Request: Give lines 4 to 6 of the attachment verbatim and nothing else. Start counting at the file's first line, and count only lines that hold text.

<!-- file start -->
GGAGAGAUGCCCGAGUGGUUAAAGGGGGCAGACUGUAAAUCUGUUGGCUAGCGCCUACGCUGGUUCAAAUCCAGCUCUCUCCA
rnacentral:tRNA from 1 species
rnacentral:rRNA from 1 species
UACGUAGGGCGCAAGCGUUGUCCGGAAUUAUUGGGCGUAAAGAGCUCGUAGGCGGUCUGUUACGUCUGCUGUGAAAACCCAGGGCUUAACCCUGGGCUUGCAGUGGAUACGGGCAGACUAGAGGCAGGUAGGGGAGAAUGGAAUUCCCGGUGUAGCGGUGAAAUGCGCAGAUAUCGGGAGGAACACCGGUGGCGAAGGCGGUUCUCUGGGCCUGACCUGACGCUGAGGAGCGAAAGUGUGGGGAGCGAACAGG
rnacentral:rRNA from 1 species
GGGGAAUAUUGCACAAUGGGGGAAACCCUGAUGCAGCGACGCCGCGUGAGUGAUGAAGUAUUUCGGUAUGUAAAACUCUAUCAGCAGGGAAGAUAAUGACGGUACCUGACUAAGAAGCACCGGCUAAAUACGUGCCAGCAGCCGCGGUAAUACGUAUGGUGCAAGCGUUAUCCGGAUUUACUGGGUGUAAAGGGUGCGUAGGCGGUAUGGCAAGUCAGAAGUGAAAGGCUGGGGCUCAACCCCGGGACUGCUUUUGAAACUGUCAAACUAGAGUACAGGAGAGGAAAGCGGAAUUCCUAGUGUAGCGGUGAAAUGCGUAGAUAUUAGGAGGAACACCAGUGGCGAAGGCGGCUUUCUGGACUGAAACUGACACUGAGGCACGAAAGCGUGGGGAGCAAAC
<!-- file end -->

UACGUAGGGCGCAAGCGUUGUCCGGAAUUAUUGGGCGUAAAGAGCUCGUAGGCGGUCUGUUACGUCUGCUGUGAAAACCCAGGGCUUAACCCUGGGCUUGCAGUGGAUACGGGCAGACUAGAGGCAGGUAGGGGAGAAUGGAAUUCCCGGUGUAGCGGUGAAAUGCGCAGAUAUCGGGAGGAACACCGGUGGCGAAGGCGGUUCUCUGGGCCUGACCUGACGCUGAGGAGCGAAAGUGUGGGGAGCGAACAGG
rnacentral:rRNA from 1 species
GGGGAAUAUUGCACAAUGGGGGAAACCCUGAUGCAGCGACGCCGCGUGAGUGAUGAAGUAUUUCGGUAUGUAAAACUCUAUCAGCAGGGAAGAUAAUGACGGUACCUGACUAAGAAGCACCGGCUAAAUACGUGCCAGCAGCCGCGGUAAUACGUAUGGUGCAAGCGUUAUCCGGAUUUACUGGGUGUAAAGGGUGCGUAGGCGGUAUGGCAAGUCAGAAGUGAAAGGCUGGGGCUCAACCCCGGGACUGCUUUUGAAACUGUCAAACUAGAGUACAGGAGAGGAAAGCGGAAUUCCUAGUGUAGCGGUGAAAUGCGUAGAUAUUAGGAGGAACACCAGUGGCGAAGGCGGCUUUCUGGACUGAAACUGACACUGAGGCACGAAAGCGUGGGGAGCAAAC